Book publishing uses triggers too. In January, you will see publishers release titles that fit a “New Year, New You” themes like diet and personal empowerment. “Summer Reads” start to appear in May as readers make book picks for mid year vacations to the beach. And in September and October, the “big” books are released as everyone heads into the holiday gift giving season.
More and more, I am convinced that books need time stamps.
You can’t look at a book to see you it fits into your life. And that matters more as we measure our lives in smaller and smaller slices of time.
I found this image on Alexis Ohanian’s book Without Their Permission:
I liked that the image marks how much time it would take to read and when it might fit into the reader’s life. Youtube videos, Audible audiobook tracks, and Netflix movies each tell us total time for that piece of content.
With digital content, we also know how far we are with the elapsed time marker. As we approach a point in time when we need to move to something else, we can easily decide if we should pause or continue.
Books are bad at both of these concepts because books vary so much. It is easy for publishers to shrink or expand the number of words on a page through line spacing or font size. The size of the page can vary too with big implications across hundreds of pages. The language the author uses can affect the speed of reading. Let’s not even talk about how pictures and photos have no real standardization. The bottom line is the physical appearance of a book is not a good way to judge how long it will take to read.
Medium estimates the time it will take to read their articles. This function also available as a plug-in for blogs and others forms of online publishing. Maybe our devices should tell us how much time is left in a chapter based on the data it has collected, based on our reading rate and the reading rate of others for our current book, other books in the genre and all books collectively. This would be a welcome replacement to our old method of paging ahead to find the chapter’s end.
I have been wondering if we should display the time length of the audiobook alongside the page count of print books or maybe even next to the price of the title. This information is more easily gotten as audiobooks are becoming more common. This could be another useful marker for a reader to determine if they want to buy that particular book.
Smart book publishers might even help readers get over the attention anxiety by providing time estimates for each chapter:
“You can read this book in ten easy installments of 17 minutes each!”
Books definitely fit into our lives. Let’s just do a better job of showing customers how.
We all have notions in our heads for how much things cost.
Sometimes, they are right and sometimes, they can be very wrong.
I am a big fan of comic books, so I have a good sense that single issues cost around four dollars and the complied paperbacks are roughly seventeen dollars.
Would you pay $140 for a comic book?
On first thought, you probably wouldn’t.
Or you might if it was issue #1 collector’s edition signed by the artists.
I Am Built created a comic book to illustrate the 12 week training program that Josh Brolin used to prepare for his role as Cable in Deadpool 2. The comic book called CableBuilt covers staged workout routines and diet regiments for the program.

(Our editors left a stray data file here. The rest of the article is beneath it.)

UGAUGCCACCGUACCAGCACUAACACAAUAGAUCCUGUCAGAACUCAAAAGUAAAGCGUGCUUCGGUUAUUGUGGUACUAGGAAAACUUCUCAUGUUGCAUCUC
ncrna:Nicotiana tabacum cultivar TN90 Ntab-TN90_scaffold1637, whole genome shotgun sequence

The description doesn’t say how long the book is or show any samples what it looks like inside.
So, would you pay $140 for that comic book?
With the right felt need, you might.
If you live at the intersection of gym rat and cosplay, you might.
P.S. Did I mention it is electronic? So it’s a $140 ebook.
My Notes posts are the key ideas I jot down about books after I read them. They capture what caught my attention and I want to remember. I post them here to share them with you.
Grit: The Power of Passion and Perseverance
by Angela Duckworth
Notes from Sept 19, 2016
Consistent theme in success:
“In sum, no matter what domain, the highly successful has a kind of ferocious determination that played out in two ways,. First, these exemplars were unusually resilient and hardworking. Second, they knew in a very, very deep way what it was they wanted. They not only had determination, they had direction.” p8
Specific domains need other things –
Green Berets->physical fitness
BUT grit still mattered for all of them
Talent x effort = skill
skill x effort = achievement or talent x effort x effort = achievement
In the book Gamestorming, Dave Gray and his fellow authors make the argument that if you know Point A and you know Point B, it is very easy to plot the steps necessary to get between the two points. And they ask the more important question – what happened when you don’t know what Point B is? They argue you need a completely different set of tools to make that journey into uncertainty.
Carpe diem, quam minimum credula postero or “Seize the Day, putting as little trust as possible in the future.” We rarely hear the 2nd half of that.
Daniel Cates is 21 years old and in 2010 he earned $5.5 million playing poker online, a million dollars more than his nearest competitor. Journalist Jay Caspian Kang, in his profile of Cates for New York Times Magazine says ” If an 18-year-old online whiz can play 12 hands at once, then by his 19th birthday, he is no less experienced than a career gambler who has sat for a dozen years at the big-money table at the Bellagio.”